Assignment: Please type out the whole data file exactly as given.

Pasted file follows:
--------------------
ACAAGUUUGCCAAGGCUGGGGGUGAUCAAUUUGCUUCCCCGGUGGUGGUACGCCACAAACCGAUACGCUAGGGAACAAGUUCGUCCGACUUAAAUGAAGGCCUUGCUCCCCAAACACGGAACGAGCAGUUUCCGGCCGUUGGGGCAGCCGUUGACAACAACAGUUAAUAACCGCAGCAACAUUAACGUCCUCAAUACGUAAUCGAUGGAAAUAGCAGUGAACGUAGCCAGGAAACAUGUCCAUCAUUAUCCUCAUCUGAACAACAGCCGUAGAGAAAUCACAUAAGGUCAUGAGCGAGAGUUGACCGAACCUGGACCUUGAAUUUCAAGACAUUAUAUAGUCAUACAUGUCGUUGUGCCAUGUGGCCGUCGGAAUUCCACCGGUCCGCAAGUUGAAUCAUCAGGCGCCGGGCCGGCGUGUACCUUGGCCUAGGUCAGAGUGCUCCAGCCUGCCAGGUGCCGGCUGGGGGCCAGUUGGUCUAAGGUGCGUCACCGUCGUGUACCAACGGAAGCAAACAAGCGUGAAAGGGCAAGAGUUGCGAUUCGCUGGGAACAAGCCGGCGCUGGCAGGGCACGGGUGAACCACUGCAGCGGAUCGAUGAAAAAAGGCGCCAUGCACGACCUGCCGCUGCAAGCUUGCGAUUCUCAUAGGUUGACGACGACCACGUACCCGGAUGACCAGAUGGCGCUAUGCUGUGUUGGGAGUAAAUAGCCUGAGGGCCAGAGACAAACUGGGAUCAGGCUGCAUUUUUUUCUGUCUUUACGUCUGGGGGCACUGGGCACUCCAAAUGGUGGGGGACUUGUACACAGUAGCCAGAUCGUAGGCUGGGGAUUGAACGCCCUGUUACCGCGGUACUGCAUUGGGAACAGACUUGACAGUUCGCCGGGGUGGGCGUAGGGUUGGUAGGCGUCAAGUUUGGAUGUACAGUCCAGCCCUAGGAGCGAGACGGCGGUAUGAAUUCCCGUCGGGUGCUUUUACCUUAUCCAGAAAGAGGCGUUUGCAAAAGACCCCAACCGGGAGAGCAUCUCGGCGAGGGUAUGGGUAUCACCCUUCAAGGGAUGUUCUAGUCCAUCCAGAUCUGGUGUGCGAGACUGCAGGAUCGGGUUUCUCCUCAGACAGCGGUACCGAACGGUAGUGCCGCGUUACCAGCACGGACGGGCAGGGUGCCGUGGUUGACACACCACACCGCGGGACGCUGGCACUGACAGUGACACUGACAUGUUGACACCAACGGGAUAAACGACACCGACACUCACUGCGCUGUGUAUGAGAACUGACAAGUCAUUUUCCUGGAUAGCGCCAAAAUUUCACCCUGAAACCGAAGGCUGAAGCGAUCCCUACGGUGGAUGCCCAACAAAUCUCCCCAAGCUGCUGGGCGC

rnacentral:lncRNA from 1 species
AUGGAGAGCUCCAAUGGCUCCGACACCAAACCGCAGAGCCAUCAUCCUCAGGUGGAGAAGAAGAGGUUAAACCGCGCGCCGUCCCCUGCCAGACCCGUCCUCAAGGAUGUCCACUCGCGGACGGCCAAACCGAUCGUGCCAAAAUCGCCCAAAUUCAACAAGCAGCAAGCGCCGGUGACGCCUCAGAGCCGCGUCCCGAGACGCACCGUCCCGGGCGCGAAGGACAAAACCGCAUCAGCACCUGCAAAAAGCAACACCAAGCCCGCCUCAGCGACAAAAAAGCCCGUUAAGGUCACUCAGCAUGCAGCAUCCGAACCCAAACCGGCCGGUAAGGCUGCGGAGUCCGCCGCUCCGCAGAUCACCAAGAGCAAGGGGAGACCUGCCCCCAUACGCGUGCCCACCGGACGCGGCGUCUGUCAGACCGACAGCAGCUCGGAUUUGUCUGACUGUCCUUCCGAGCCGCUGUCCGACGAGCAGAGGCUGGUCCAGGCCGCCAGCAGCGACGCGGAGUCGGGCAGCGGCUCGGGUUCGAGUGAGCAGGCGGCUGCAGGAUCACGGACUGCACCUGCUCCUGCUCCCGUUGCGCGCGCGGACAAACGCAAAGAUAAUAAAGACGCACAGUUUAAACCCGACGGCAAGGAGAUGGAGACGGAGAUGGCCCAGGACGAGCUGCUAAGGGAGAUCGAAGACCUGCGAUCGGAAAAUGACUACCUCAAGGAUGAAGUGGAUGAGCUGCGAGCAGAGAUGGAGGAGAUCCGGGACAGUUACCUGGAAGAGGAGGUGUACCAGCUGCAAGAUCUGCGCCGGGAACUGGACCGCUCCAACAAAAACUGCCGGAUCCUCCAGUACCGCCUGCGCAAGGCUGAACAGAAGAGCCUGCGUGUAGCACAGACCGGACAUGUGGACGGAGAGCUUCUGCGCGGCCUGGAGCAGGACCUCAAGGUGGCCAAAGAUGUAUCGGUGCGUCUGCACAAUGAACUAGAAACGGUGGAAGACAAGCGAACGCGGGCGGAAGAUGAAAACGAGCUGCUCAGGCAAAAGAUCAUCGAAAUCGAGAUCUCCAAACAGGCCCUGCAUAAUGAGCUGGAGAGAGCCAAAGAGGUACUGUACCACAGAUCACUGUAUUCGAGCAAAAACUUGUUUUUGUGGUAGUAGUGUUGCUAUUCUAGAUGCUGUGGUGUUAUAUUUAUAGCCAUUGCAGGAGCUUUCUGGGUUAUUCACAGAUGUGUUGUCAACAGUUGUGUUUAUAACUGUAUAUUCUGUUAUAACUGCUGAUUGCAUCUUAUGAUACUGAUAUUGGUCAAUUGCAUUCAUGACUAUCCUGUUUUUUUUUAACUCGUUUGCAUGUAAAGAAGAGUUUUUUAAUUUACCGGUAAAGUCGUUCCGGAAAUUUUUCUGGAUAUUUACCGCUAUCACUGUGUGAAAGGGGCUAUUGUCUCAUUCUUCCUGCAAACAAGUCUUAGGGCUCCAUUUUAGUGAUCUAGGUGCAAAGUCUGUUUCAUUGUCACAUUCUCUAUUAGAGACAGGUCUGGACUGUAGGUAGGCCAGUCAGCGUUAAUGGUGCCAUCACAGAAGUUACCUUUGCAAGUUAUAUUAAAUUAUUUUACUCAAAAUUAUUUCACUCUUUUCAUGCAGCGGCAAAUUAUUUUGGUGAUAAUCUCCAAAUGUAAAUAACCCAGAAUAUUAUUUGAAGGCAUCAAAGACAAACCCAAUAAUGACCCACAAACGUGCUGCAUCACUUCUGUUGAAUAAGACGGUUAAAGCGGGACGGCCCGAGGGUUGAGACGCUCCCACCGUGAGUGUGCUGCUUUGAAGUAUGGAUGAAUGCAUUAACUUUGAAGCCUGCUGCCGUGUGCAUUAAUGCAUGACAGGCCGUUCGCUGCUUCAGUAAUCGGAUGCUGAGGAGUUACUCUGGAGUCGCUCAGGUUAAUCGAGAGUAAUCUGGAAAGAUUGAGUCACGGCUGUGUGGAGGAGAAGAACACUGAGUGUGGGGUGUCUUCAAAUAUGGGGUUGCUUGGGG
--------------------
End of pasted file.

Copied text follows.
ACAAGUUUGCCAAGGCUGGGGGUGAUCAAUUUGCUUCCCCGGUGGUGGUACGCCACAAACCGAUACGCUAGGGAACAAGUUCGUCCGACUUAAAUGAAGGCCUUGCUCCCCAAACACGGAACGAGCAGUUUCCGGCCGUUGGGGCAGCCGUUGACAACAACAGUUAAUAACCGCAGCAACAUUAACGUCCUCAAUACGUAAUCGAUGGAAAUAGCAGUGAACGUAGCCAGGAAACAUGUCCAUCAUUAUCCUCAUCUGAACAACAGCCGUAGAGAAAUCACAUAAGGUCAUGAGCGAGAGUUGACCGAACCUGGACCUUGAAUUUCAAGACAUUAUAUAGUCAUACAUGUCGUUGUGCCAUGUGGCCGUCGGAAUUCCACCGGUCCGCAAGUUGAAUCAUCAGGCGCCGGGCCGGCGUGUACCUUGGCCUAGGUCAGAGUGCUCCAGCCUGCCAGGUGCCGGCUGGGGGCCAGUUGGUCUAAGGUGCGUCACCGUCGUGUACCAACGGAAGCAAACAAGCGUGAAAGGGCAAGAGUUGCGAUUCGCUGGGAACAAGCCGGCGCUGGCAGGGCACGGGUGAACCACUGCAGCGGAUCGAUGAAAAAAGGCGCCAUGCACGACCUGCCGCUGCAAGCUUGCGAUUCUCAUAGGUUGACGACGACCACGUACCCGGAUGACCAGAUGGCGCUAUGCUGUGUUGGGAGUAAAUAGCCUGAGGGCCAGAGACAAACUGGGAUCAGGCUGCAUUUUUUUCUGUCUUUACGUCUGGGGGCACUGGGCACUCCAAAUGGUGGGGGACUUGUACACAGUAGCCAGAUCGUAGGCUGGGGAUUGAACGCCCUGUUACCGCGGUACUGCAUUGGGAACAGACUUGACAGUUCGCCGGGGUGGGCGUAGGGUUGGUAGGCGUCAAGUUUGGAUGUACAGUCCAGCCCUAGGAGCGAGACGGCGGUAUGAAUUCCCGUCGGGUGCUUUUACCUUAUCCAGAAAGAGGCGUUUGCAAAAGACCCCAACCGGGAGAGCAUCUCGGCGAGGGUAUGGGUAUCACCCUUCAAGGGAUGUUCUAGUCCAUCCAGAUCUGGUGUGCGAGACUGCAGGAUCGGGUUUCUCCUCAGACAGCGGUACCGAACGGUAGUGCCGCGUUACCAGCACGGACGGGCAGGGUGCCGUGGUUGACACACCACACCGCGGGACGCUGGCACUGACAGUGACACUGACAUGUUGACACCAACGGGAUAAACGACACCGACACUCACUGCGCUGUGUAUGAGAACUGACAAGUCAUUUUCCUGGAUAGCGCCAAAAUUUCACCCUGAAACCGAAGGCUGAAGCGAUCCCUACGGUGGAUGCCCAACAAAUCUCCCCAAGCUGCUGGGCGC

rnacentral:lncRNA from 1 species
AUGGAGAGCUCCAAUGGCUCCGACACCAAACCGCAGAGCCAUCAUCCUCAGGUGGAGAAGAAGAGGUUAAACCGCGCGCCGUCCCCUGCCAGACCCGUCCUCAAGGAUGUCCACUCGCGGACGGCCAAACCGAUCGUGCCAAAAUCGCCCAAAUUCAACAAGCAGCAAGCGCCGGUGACGCCUCAGAGCCGCGUCCCGAGACGCACCGUCCCGGGCGCGAAGGACAAAACCGCAUCAGCACCUGCAAAAAGCAACACCAAGCCCGCCUCAGCGACAAAAAAGCCCGUUAAGGUCACUCAGCAUGCAGCAUCCGAACCCAAACCGGCCGGUAAGGCUGCGGAGUCCGCCGCUCCGCAGAUCACCAAGAGCAAGGGGAGACCUGCCCCCAUACGCGUGCCCACCGGACGCGGCGUCUGUCAGACCGACAGCAGCUCGGAUUUGUCUGACUGUCCUUCCGAGCCGCUGUCCGACGAGCAGAGGCUGGUCCAGGCCGCCAGCAGCGACGCGGAGUCGGGCAGCGGCUCGGGUUCGAGUGAGCAGGCGGCUGCAGGAUCACGGACUGCACCUGCUCCUGCUCCCGUUGCGCGCGCGGACAAACGCAAAGAUAAUAAAGACGCACAGUUUAAACCCGACGGCAAGGAGAUGGAGACGGAGAUGGCCCAGGACGAGCUGCUAAGGGAGAUCGAAGACCUGCGAUCGGAAAAUGACUACCUCAAGGAUGAAGUGGAUGAGCUGCGAGCAGAGAUGGAGGAGAUCCGGGACAGUUACCUGGAAGAGGAGGUGUACCAGCUGCAAGAUCUGCGCCGGGAACUGGACCGCUCCAACAAAAACUGCCGGAUCCUCCAGUACCGCCUGCGCAAGGCUGAACAGAAGAGCCUGCGUGUAGCACAGACCGGACAUGUGGACGGAGAGCUUCUGCGCGGCCUGGAGCAGGACCUCAAGGUGGCCAAAGAUGUAUCGGUGCGUCUGCACAAUGAACUAGAAACGGUGGAAGACAAGCGAACGCGGGCGGAAGAUGAAAACGAGCUGCUCAGGCAAAAGAUCAUCGAAAUCGAGAUCUCCAAACAGGCCCUGCAUAAUGAGCUGGAGAGAGCCAAAGAGGUACUGUACCACAGAUCACUGUAUUCGAGCAAAAACUUGUUUUUGUGGUAGUAGUGUUGCUAUUCUAGAUGCUGUGGUGUUAUAUUUAUAGCCAUUGCAGGAGCUUUCUGGGUUAUUCACAGAUGUGUUGUCAACAGUUGUGUUUAUAACUGUAUAUUCUGUUAUAACUGCUGAUUGCAUCUUAUGAUACUGAUAUUGGUCAAUUGCAUUCAUGACUAUCCUGUUUUUUUUUAACUCGUUUGCAUGUAAAGAAGAGUUUUUUAAUUUACCGGUAAAGUCGUUCCGGAAAUUUUUCUGGAUAUUUACCGCUAUCACUGUGUGAAAGGGGCUAUUGUCUCAUUCUUCCUGCAAACAAGUCUUAGGGCUCCAUUUUAGUGAUCUAGGUGCAAAGUCUGUUUCAUUGUCACAUUCUCUAUUAGAGACAGGUCUGGACUGUAGGUAGGCCAGUCAGCGUUAAUGGUGCCAUCACAGAAGUUACCUUUGCAAGUUAUAUUAAAUUAUUUUACUCAAAAUUAUUUCACUCUUUUCAUGCAGCGGCAAAUUAUUUUGGUGAUAAUCUCCAAAUGUAAAUAACCCAGAAUAUUAUUUGAAGGCAUCAAAGACAAACCCAAUAAUGACCCACAAACGUGCUGCAUCACUUCUGUUGAAUAAGACGGUUAAAGCGGGACGGCCCGAGGGUUGAGACGCUCCCACCGUGAGUGUGCUGCUUUGAAGUAUGGAUGAAUGCAUUAACUUUGAAGCCUGCUGCCGUGUGCAUUAAUGCAUGACAGGCCGUUCGCUGCUUCAGUAAUCGGAUGCUGAGGAGUUACUCUGGAGUCGCUCAGGUUAAUCGAGAGUAAUCUGGAAAGAUUGAGUCACGGCUGUGUGGAGGAGAAGAACACUGAGUGUGGGGUGUCUUCAAAUAUGGGGUUGCUUGGGG